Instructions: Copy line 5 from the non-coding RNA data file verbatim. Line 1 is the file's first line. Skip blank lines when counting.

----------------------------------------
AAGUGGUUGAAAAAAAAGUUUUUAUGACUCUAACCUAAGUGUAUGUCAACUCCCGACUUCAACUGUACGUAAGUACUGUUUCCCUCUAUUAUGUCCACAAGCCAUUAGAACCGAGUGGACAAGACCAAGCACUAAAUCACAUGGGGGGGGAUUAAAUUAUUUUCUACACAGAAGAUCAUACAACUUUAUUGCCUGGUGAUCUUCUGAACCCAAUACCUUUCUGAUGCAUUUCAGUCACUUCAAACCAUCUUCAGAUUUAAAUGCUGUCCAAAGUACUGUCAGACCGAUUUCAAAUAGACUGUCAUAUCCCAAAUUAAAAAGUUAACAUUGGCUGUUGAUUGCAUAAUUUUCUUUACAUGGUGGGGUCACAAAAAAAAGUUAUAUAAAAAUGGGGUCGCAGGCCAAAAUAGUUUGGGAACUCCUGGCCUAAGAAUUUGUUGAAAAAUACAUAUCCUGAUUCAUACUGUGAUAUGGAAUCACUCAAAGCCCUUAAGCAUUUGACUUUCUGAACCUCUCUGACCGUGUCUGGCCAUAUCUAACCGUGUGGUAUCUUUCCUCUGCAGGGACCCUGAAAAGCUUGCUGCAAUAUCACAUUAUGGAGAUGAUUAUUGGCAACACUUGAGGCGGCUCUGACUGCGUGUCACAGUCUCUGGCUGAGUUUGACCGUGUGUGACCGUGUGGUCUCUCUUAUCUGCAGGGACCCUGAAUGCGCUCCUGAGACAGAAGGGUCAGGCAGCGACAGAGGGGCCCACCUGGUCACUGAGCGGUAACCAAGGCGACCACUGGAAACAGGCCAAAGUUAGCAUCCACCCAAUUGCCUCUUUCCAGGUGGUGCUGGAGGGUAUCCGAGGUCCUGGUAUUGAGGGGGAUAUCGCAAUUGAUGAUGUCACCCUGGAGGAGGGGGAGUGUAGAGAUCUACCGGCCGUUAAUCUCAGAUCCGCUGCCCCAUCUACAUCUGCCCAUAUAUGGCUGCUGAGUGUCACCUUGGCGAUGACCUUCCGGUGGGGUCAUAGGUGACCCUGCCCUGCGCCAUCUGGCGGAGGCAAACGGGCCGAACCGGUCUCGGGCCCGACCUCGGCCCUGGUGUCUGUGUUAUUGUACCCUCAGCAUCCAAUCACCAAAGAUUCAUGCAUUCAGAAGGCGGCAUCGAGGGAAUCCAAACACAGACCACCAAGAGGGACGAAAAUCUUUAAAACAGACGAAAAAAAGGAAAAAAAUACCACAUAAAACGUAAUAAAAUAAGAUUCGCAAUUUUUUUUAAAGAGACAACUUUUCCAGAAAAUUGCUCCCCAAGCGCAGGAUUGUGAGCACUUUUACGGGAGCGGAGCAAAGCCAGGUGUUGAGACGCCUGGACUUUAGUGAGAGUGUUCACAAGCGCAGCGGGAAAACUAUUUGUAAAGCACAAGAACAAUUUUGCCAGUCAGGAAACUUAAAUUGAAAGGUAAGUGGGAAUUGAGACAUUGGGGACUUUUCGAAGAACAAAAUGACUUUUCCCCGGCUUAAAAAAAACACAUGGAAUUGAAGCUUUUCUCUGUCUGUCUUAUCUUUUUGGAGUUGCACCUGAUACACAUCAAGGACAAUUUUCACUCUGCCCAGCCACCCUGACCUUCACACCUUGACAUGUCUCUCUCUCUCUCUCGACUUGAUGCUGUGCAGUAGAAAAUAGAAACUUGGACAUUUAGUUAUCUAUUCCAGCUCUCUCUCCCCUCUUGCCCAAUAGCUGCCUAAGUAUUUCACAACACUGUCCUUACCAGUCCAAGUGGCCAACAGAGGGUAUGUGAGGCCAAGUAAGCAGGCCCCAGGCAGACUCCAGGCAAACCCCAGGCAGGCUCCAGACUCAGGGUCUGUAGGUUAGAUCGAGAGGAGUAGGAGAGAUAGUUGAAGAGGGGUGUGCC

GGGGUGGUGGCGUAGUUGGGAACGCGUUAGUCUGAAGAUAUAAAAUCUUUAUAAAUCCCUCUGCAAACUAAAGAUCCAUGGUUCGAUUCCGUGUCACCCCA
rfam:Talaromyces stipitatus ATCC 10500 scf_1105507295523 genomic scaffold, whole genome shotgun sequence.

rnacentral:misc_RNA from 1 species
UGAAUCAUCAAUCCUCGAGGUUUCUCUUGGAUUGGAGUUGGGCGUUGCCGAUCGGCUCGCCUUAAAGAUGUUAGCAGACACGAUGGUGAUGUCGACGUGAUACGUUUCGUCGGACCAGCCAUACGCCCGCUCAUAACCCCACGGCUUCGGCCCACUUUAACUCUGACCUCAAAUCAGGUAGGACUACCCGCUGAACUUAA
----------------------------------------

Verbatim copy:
UGAAUCAUCAAUCCUCGAGGUUUCUCUUGGAUUGGAGUUGGGCGUUGCCGAUCGGCUCGCCUUAAAGAUGUUAGCAGACACGAUGGUGAUGUCGACGUGAUACGUUUCGUCGGACCAGCCAUACGCCCGCUCAUAACCCCACGGCUUCGGCCCACUUUAACUCUGACCUCAAAUCAGGUAGGACUACCCGCUGAACUUAA